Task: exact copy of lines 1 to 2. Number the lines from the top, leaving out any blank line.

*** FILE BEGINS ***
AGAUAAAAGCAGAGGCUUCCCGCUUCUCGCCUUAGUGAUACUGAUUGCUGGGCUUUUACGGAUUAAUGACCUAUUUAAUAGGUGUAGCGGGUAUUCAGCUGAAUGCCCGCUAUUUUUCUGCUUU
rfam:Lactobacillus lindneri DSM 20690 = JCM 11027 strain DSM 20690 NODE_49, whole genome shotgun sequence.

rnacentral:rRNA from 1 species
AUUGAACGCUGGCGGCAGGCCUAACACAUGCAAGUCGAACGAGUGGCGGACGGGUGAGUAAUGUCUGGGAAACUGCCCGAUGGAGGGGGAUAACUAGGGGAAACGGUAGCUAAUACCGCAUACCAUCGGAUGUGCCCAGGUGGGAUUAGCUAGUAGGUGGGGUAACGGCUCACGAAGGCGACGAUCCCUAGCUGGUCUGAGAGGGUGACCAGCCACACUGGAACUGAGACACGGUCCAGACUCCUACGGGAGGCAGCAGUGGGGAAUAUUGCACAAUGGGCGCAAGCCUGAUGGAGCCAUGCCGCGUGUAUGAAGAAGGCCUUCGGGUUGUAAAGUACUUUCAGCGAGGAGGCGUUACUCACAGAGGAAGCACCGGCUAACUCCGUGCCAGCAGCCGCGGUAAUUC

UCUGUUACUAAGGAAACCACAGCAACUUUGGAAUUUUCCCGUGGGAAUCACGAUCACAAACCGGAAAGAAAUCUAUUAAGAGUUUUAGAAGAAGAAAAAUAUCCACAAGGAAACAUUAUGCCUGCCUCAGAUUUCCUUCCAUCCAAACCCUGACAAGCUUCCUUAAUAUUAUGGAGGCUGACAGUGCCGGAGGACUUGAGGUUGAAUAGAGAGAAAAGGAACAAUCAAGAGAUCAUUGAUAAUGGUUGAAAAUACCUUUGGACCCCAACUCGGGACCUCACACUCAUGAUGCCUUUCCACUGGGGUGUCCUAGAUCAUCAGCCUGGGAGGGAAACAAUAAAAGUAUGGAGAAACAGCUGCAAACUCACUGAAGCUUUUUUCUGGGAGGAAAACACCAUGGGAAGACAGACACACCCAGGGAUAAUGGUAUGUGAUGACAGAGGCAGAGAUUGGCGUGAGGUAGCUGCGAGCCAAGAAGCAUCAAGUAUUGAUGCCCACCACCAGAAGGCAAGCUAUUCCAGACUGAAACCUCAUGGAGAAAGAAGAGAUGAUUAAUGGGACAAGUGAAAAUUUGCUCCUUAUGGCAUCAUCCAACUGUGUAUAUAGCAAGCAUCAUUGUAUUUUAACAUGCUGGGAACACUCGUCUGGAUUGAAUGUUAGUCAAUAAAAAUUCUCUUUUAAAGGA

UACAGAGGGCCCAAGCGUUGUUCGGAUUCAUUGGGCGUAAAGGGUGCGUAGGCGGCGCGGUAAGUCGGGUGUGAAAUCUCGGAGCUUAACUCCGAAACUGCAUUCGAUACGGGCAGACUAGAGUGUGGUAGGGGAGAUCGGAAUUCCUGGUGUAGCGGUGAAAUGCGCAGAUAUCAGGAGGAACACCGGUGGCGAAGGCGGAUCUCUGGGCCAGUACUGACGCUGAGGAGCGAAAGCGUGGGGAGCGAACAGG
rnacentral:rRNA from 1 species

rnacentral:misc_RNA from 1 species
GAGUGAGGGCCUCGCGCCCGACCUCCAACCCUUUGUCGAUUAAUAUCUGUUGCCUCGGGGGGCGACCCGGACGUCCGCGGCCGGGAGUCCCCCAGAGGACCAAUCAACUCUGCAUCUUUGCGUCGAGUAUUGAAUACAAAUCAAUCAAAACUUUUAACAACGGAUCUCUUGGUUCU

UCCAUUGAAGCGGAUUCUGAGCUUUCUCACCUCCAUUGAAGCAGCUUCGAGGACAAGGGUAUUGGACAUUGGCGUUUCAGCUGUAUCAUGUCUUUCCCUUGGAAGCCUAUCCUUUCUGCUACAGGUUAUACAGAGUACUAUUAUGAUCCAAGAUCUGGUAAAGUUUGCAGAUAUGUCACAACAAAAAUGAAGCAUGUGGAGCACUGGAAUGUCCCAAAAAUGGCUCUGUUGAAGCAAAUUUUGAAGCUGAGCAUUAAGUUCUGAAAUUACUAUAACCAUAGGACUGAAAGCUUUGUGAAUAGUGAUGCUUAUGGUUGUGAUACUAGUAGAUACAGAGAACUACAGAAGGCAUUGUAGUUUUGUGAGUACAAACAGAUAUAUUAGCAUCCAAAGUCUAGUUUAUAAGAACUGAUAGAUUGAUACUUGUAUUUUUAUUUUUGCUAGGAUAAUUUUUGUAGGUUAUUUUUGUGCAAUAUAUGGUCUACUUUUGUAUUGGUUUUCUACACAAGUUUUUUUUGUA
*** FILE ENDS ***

AGAUAAAAGCAGAGGCUUCCCGCUUCUCGCCUUAGUGAUACUGAUUGCUGGGCUUUUACGGAUUAAUGACCUAUUUAAUAGGUGUAGCGGGUAUUCAGCUGAAUGCCCGCUAUUUUUCUGCUUU
rfam:Lactobacillus lindneri DSM 20690 = JCM 11027 strain DSM 20690 NODE_49, whole genome shotgun sequence.